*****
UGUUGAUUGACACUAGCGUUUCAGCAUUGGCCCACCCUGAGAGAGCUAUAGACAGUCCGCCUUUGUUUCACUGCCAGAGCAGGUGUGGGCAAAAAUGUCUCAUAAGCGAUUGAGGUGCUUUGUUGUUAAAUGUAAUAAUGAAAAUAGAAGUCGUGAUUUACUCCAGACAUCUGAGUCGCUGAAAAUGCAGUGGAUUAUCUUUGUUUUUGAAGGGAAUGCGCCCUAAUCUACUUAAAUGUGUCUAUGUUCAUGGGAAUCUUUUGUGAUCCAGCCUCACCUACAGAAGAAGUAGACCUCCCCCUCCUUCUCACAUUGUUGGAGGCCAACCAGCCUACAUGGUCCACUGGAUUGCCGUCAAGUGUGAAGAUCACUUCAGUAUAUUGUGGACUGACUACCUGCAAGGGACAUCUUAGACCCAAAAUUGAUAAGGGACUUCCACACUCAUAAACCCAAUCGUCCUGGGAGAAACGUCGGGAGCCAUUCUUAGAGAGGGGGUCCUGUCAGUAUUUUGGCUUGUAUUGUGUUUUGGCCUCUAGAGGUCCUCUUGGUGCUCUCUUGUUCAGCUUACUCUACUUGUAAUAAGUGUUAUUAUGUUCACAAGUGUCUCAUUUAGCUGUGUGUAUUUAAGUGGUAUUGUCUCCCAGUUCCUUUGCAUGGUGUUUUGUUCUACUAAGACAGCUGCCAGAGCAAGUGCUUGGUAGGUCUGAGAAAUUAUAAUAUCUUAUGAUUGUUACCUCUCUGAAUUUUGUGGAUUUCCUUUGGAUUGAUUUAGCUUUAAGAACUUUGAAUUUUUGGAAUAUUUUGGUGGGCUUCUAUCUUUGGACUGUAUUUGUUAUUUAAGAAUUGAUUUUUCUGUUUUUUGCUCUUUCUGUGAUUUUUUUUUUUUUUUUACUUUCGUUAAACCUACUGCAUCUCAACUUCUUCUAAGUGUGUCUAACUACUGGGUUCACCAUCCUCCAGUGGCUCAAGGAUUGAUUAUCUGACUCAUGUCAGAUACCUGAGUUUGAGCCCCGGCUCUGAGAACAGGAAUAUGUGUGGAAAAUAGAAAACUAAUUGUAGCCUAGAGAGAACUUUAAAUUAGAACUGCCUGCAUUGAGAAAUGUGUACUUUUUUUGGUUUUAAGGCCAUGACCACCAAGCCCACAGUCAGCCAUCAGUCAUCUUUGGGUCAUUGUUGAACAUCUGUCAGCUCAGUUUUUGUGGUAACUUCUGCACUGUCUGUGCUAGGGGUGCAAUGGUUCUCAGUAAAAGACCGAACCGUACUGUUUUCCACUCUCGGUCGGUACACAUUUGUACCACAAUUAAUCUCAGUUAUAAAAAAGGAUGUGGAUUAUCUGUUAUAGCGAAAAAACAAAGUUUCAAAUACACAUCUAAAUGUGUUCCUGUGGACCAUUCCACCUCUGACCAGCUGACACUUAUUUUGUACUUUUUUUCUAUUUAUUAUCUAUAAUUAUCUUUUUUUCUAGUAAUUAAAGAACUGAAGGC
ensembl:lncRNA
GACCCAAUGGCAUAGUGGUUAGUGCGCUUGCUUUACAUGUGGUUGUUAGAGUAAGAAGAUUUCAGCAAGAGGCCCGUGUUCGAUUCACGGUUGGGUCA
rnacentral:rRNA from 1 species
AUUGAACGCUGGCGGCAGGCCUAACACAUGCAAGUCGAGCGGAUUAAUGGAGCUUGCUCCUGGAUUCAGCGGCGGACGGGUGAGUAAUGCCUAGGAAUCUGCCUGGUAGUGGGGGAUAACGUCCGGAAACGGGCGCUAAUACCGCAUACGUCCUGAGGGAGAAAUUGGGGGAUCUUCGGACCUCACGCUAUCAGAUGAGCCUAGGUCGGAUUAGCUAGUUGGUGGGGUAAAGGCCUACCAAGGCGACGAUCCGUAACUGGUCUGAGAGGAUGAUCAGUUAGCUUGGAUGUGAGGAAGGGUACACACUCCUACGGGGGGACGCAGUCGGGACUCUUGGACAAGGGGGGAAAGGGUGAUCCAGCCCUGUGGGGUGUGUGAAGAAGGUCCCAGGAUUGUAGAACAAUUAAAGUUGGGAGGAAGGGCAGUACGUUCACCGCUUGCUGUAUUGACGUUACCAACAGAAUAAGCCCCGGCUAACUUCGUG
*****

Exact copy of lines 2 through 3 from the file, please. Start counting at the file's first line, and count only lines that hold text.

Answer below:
ensembl:lncRNA
GACCCAAUGGCAUAGUGGUUAGUGCGCUUGCUUUACAUGUGGUUGUUAGAGUAAGAAGAUUUCAGCAAGAGGCCCGUGUUCGAUUCACGGUUGGGUCA